Regular Facebook user's demand for the Dislike button has been met with five new emoji's terms Facebook Reactions, which can be used to express their feeling.
Facebook has introduced several new ways to react to its posts that so far has been limited to the ubiquitous ‘Like’ button. Termed as ‘Facebook Reactions’, users now have a lot more ways to express their feelings in response to say a friend’s post.
However, the newly launched feature can still be considered an extension of the Like button of yore in that those are to be accessed by long-pressing the like button or hovering the mouse pointer over it on a PC.
This will launch five animated emoji’s that stands for ‘love,’ ‘haha,’ ‘wow,’ ‘sad,’ and ‘angry’.
Facebook users have long been demanding for a ‘dislike’ button as they felt the lone ‘Like’ button was just not enough to what they need to say or express themselves. They needed a means to express their reactions to a post quickly and typing a comment was not always the option.
Further, typing a comment is often more time consuming for users who access the social media platform via mobile devices. And mobiles have already emerged as the preferred medium for accessing Facebook, as has been revealed in a Facebook survey that found an overwhelming 90 percent of the monthly or daily users of Facebook do so via mobiles.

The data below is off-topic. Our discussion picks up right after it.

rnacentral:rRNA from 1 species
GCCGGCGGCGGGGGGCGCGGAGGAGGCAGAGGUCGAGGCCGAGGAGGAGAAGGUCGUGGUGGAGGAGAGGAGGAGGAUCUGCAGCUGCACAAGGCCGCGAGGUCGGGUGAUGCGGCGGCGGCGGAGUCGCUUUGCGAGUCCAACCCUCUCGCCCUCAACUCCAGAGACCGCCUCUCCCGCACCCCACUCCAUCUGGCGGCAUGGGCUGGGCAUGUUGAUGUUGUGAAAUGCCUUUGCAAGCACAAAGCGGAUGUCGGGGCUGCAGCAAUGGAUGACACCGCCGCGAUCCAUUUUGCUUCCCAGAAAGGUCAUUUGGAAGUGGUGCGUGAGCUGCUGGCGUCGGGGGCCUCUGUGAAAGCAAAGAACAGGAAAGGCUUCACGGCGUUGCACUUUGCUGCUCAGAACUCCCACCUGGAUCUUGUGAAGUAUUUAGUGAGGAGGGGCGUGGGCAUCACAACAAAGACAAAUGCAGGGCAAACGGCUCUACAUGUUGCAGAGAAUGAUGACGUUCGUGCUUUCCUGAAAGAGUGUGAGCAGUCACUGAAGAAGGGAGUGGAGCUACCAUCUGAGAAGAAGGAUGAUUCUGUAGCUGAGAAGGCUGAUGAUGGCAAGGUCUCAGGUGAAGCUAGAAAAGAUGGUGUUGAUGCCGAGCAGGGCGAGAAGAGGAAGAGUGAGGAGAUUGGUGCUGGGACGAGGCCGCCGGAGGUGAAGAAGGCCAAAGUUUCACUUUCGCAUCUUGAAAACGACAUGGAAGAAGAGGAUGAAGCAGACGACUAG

The introduction of emoji’s serves the purpose well enough in that it not only allows more ways for one to express oneself, they are also easy and expressive in their own right.
Facebook stated they zeroed in on the five emotions based on extensive research that took into account how most people usually react to a post. Those included one or three-word comments or emoji’s that people tended to use most often.
The one thing that Facebook has been wary about right from the start is to have emoji’s that carried a universal appeal while also being expressive enough. Also, as Julie Zhuo, a product design director at Facebook stated, care was taken to ensure there aren’t too many emoji’s that otherwise would have diluted the user’s feelings.
Zhuo further stated it was never an easy task to sort out the vast number of possible emoji’s to select only a few that would neatly fit into a single row. The team also didn’t want the user to be overwhelmed with a huge number of emoji’s each time they needed to react to a post.
It is for this that Facebook sought the services of Dacher Keltner, a professor of social psychology at UC Berkeley. Keltner proposed around 25 emoji’s to fully capture all the emotions that a user goes through.
Zhou and her team felt they need to have just five emoji’s which represented the feelings users tend to express the most.
Facebook though stated it’s not the end but will keep listening to user’s feedback and continue to update their services to best suits user’s needs.